Celtics fans who have only watched the Raptors play Boston since the NBA restarted might wonder what all the fuss is about. Sure, the Raptors are 11-0 against other teams. But their issue now is they can only play the Celtics.
And on Sunday, Boston followed up its 22-point thrashing of Toronto in a seeding game with an emphatic 112-94 win in Game 1 of these Eastern Conference semifinals. The Celtics never trailed, never wobbled, and never seemed in any danger.
It was a balanced effort. Marcus Smart and Jayson Tatum had 21 points apiece, Kemba Walker had 18 points and 10 assists, and Daniel Theis added 13 points and 15 rebounds. The Celtics made 17 of 39 3-pointers while Toronto hit just 10 of 40 in its lowest-scoring game since arriving in Orlando.
Observations from the game:
▪ As expected, Robert Williams reemerged after mostly remaining on the bench during the Philadelphia series. Hulking center Joel Embiid is not a good matchup for him, but Raptors big man Marc Gasol isn’t nearly as dynamic, and Serge Ibaka cannot overpower Williams. The second-year center had a couple defensive lapses, but generally held up very well Sunday, especially as a rim protector. He finished with 10 points, 5 rebounds, 2 blocks, and 2 assists. He’ll be a factor in this series, and the confidence he gained in the seeding games will only help.
“Rob is one of those guys where he comes in and he changes the game, just his presence,” Smart said. “His athleticism is ridiculous.”
▪ It was a miserable first quarter for Raptors All-Star Pascal Siakam. He missed a couple of relatively easy shots inside, and then was called for a charge when he tried to overpower Smart in the post with 5:15 left. Raptors coach Nick Nurse left Siakam in, which isn’t especially unusual anymore, but just a minute later Siakam collected his third foul when he hit Jaylen Brown’s arm as the Celtics forward hit a 3-pointer.
He finished the first half 1 for 8 with 1 rebound and no assists and finished with 13 points in the game. And guard Fred VanVleet, who has been excellent, was just 3 for 16. Smart said that Boston’s defensive versatility makes it uniquely equipped to slow Toronto’s dynamic scorers.
“Our ability and versatility to send different guys at them,” he said. “You’ve got me 6-3, you’ve got Semi [Ojeleye] 6-6, you’ve got Jaylen 6-6, and just constantly keeping different looks on those guys so they can’t get comfortable.”
▪ A great sign for the Celtics: Tatum was scoreless for the first 11 minutes but the Celtics exploded to a 17-point lead anyway.
▪ Even though very little went right for Toronto in the first half, it still had a good chance to slice into the deficit by halftime. The Raptors trailed by 12 and had the ball with 40 seconds left, a perfect two-for-one opportunity. Instead, Tatum slid into a passing lane for a steal and coasted in for a dunk. Then rather than bleed the clock, VanVleet missed a layup with about 20 seconds left, giving Boston plenty of time for Walker to drill a 3-pointer before the break. The lead could have been whittled to single digits. Instead, it was a cushy 17-point edge, thanks in large part to Tatum’s defense.
▪ The Celtics were hardly perfect on offense. They had a season-high 23 turnovers. Theis said the Philly series called for plenty of pull-up jumpers because of the way the 76ers sagged back in pick-and-roll coverage. But against Toronto, which has a more scramble-filled and switch-heavy attack, good ball movement will be essential.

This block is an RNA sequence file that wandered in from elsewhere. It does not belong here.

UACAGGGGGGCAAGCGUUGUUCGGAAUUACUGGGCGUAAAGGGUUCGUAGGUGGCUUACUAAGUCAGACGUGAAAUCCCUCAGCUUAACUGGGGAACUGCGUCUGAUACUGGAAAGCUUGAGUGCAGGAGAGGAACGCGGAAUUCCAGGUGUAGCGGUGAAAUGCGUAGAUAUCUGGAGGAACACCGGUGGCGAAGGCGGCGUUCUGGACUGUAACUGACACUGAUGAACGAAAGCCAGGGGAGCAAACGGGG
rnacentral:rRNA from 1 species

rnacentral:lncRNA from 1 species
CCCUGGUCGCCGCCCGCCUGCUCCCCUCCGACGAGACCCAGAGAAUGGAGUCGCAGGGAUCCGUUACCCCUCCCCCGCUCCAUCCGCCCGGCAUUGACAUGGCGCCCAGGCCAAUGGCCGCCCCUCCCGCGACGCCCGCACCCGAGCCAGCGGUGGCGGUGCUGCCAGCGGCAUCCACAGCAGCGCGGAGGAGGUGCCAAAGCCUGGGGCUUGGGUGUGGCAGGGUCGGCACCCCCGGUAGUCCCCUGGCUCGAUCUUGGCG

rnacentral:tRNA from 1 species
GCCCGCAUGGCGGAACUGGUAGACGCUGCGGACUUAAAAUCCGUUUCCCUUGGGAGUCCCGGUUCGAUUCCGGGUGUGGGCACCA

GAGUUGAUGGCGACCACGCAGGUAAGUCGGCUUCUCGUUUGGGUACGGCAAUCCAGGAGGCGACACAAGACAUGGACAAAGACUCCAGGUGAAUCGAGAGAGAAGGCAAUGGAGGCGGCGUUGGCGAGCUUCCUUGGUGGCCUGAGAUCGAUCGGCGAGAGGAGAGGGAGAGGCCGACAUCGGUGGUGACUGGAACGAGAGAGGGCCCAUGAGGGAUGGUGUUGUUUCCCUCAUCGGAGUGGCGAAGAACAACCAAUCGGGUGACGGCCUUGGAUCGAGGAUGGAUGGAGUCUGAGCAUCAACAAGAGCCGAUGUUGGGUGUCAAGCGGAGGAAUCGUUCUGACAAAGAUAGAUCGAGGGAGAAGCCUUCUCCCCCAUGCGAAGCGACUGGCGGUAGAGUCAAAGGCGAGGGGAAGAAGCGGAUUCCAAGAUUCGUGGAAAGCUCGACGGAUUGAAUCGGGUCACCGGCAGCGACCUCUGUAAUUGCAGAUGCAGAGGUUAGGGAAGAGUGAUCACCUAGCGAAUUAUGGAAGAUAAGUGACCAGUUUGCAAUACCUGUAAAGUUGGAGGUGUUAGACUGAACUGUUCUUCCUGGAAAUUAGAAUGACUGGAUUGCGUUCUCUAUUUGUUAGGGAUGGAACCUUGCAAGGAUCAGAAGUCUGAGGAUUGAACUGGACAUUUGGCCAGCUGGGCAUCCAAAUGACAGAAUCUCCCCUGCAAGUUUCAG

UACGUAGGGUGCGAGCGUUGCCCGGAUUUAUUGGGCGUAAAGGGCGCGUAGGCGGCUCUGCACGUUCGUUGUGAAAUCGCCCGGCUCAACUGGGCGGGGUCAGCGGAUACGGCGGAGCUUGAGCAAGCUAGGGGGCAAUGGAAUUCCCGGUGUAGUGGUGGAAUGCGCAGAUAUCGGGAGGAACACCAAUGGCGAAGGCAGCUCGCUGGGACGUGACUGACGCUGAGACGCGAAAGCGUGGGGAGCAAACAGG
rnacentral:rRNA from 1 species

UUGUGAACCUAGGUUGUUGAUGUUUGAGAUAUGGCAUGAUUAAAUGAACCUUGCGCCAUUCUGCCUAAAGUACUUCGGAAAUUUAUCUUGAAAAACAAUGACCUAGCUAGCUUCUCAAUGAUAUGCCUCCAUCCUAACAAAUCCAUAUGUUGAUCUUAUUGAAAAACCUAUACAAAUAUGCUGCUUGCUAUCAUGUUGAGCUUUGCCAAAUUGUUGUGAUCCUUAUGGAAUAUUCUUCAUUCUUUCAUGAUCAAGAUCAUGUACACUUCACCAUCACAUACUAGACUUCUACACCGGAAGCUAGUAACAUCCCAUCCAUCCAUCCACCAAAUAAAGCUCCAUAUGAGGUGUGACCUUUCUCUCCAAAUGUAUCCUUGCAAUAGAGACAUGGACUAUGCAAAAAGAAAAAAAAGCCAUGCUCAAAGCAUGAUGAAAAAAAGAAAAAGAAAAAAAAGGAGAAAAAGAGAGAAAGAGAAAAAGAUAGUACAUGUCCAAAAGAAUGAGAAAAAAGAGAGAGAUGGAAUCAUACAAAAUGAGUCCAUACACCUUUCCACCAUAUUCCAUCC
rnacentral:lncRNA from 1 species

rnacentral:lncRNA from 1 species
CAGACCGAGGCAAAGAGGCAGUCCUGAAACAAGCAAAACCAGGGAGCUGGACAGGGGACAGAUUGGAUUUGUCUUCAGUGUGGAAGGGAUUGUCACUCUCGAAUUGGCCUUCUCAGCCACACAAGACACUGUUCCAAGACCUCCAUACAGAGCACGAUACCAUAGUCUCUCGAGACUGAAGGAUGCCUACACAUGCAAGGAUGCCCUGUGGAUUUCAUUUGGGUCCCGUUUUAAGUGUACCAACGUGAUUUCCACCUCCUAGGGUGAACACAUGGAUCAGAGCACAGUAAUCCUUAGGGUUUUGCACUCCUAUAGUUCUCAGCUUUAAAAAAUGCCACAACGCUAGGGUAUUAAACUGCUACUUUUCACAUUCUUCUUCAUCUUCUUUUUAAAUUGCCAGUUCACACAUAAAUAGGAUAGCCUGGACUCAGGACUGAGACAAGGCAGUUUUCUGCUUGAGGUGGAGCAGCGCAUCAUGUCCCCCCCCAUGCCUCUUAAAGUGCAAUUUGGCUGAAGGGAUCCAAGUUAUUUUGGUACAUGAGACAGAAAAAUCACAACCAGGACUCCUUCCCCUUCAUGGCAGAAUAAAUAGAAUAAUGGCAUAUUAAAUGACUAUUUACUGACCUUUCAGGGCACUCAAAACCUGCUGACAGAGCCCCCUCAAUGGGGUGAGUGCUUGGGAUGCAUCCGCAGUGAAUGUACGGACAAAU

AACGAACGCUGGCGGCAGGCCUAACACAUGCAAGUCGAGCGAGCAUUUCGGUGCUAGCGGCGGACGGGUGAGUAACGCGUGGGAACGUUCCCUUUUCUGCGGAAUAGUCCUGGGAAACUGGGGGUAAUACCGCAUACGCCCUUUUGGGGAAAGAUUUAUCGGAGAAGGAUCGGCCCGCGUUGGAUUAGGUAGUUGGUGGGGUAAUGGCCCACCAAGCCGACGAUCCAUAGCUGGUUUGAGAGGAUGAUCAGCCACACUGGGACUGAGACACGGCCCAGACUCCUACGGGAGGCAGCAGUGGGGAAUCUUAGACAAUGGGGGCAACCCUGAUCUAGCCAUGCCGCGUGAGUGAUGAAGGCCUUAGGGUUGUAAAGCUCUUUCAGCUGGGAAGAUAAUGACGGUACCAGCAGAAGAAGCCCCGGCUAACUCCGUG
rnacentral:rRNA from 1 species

Boston did shoot 47 percent from the field and 43.6 percent on 3-pointers, and coach Brad Stevens said shots happened to go in when they were needed most.
“It was more of a timely thing than how good we were playing on offense,” he said. “It was very tough to get a good shot.”
▪ The Raptors are one of the most dangerous transition teams in the NBA, but they had just a 7-6 edge in fast-break points, according to the official stats. Maybe he just didn’t want his players to get a false sense of security, but Stevens, for one, was not buying it.
“I think that’s probably a bad stat,” he said. “I think it’s probably more like we gave up a lot more transition and secondary transition points than that. We’ve done it well all year, but it needs to be a huge emphasis and I think we gave up a lot more than seven.”
▪ The Celtics had a slight scare late in the first half when Walker landed awkwardly on his left leg while contesting a shot in the paint. He stayed on the ground for a bit, then was limping noticeably as he essentially skipped an offensive possession. But he stayed in the game.
Walker’s left knee has given him trouble throughout this season, and the Celtics managed it carefully so he would be able to play without limits when these important games arrived. The plan has worked perfectly so far, and it appears Boston dodged a problem in this case. And when Walker was on the floor, he was excellent at both ends.
▪ Smart made just 2 of 15 3-pointers in the opening-round sweep of the 76ers. But he started this game by hitting a corner three, and maybe that’s exactly what he needed to see. He made 5 of 9 in this game and really did a little bit of everything. The Celtics outscored Toronto by 27 points during his 31 minutes on the floor.
“The last series for me wasn’t my best shooting performance of the playoffs, but I also knew that series did not call for me to make shots from the outside,” Smart said. “We had a lot of guys that were on, and my job was to just get those guys the ball. Things changed with different game plans, I got a great look off that first one and I just felt good the rest of the night.”
▪ The Celtics did have one brief drought when they were held scoreless for the first four minutes of the second quarter. The Raptors sliced the 19-point deficit to 9. But then Tatum hit a 3-pointer and the Raptors missed 10 shots in a row, and Boston’s lead never dipped below double digits again.